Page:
in setup B will send a set of IGMP Group Join messages while the will send a set of IGMP Group Join messages while the ports in
ports in setup A are also joining its own set of group addresses. setup A are also joining its own set of group addresses. Since the
Since the two sets of group addresses are independent of each two sets of group addresses are independent of each other, the
other, the group join delay for setup A may be different than in group join delay for setup A may be different than in the case when
the case when there were no other group addresses being joined. there were no other group addresses being joined.
9. Security Considerations 9. Security Considerations
As this document is solely for the purpose of providing metric As this document is solely for the purpose of providing metric
methodology and describes neither a protocol nor a protocol's methodology and describes neither a protocol nor a protocol's
implementation, there are no security considerations associated implementation, there are no security considerations associated
with this document. with this document.
10. Acknowledgements 10. Acknowledgements
The authors would like to acknowledge the following individuals for The authors would like to acknowledge the following individuals for
their help and participation of the compilation and editing of this their help and participation of the compilation and editing of this
document Ralph Daniels, Netcom Systems, who made significant document Ralph Daniels, Netcom Systems, who made significant
contributions to earlier versions of this draft and Kevin Dubray, contributions to earlier versions of this draft, Daniel Bui, IXIA,
Juniper Networks. and Kevin Dubray, Juniper Networks.
11. References 11. References
[Br91] Bradner, S., "Benchmarking Terminology for Network [Br91] Bradner, S., "Benchmarking Terminology for Network
Interconnection Devices", RFC 1242, July 1991. Interconnection Devices", RFC 1242, July 1991.
[Br96] Bradner, S., and J. McQuaid, "Benchmarking Methodology for [Br96] Bradner, S., and J. McQuaid, "Benchmarking Methodology for
Network Interconnect Devices", RFC 2544, March 1999. Network Interconnect Devices", RFC 2544, March 1999.
[Br97] Bradner, S. "Use of Keywords in RFCs to Reflect Requirement [Br97] Bradner, S. "Use of Keywords in RFCs to Reflect Requirement
skipping to change at page 20, line 4 skipping to change at line 899
it or assist in its implementation may be prepared, copied, it or assist in its implementation may be prepared, copied,
published and distributed, in whole or in part, without restriction published and distributed, in whole or in part, without restriction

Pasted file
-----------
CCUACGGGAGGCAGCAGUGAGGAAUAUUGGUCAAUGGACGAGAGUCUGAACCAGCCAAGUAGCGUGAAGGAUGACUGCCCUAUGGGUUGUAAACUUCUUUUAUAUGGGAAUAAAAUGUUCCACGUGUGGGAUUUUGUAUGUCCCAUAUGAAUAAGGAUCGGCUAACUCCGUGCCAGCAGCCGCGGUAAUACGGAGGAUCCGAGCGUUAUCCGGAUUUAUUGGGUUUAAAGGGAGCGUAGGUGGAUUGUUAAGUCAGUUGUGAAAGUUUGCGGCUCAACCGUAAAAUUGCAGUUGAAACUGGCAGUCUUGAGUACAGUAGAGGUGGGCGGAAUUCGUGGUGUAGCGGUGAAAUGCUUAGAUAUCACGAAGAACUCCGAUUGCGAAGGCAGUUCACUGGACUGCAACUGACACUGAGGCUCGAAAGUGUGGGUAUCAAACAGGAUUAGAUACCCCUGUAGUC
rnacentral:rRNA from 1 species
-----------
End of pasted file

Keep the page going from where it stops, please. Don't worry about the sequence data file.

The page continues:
of any kind, provided that the above copyright notice and this of any kind, provided that the above copyright notice and this
paragraph are included on all such copies and derivative works. paragraph are included on all such copies and derivative works.
However, this document itself may not be modified in any way, such However, this document itself may not be modified in any way, such
as by removing the copyright notice or references to the Internet as by removing the copyright notice or references to the Internet
Society or other Internet organizations, except as needed for the Society or other Internet organizations, except as needed for the
purpose of developing Internet standards in which case the purpose of developing Internet standards in which case the
procedures for copyrights defined in the Internet Standards process procedures for copyrights defined in the Internet Standards process
must be followed, or as required to translate it into. must be followed, or as required to translate it into.
Appendix A: Determining an even distribution
It is important to understand and fully define the distribution of
frames among all multicast and unicast destinations. If the
distribution is not well defined or understood, the throughput and
forwarding metrics are not meaningful.
In a homogeneous environment, a large single burst of multicast
frames may be followed by a large burst of unicast frames. This is
a very different distribution than that of a non-homogeneous
environment, where the multicast and unicast frames are
intermingled throughout the entire transmission.
The recommended distribution is that of the non-homogeneous
environment because it more closely represents a real-world
scenario. The distribution is modeled by calculating the number of
multicast frames per destination port as a burst, then calculating
the number of unicast frames to transmit as a percentage of the
total frames transmitted. The overall effect of the distribution is
small bursts of multicast frames intermingled with small bursts of
unicast frames.
 End of changes.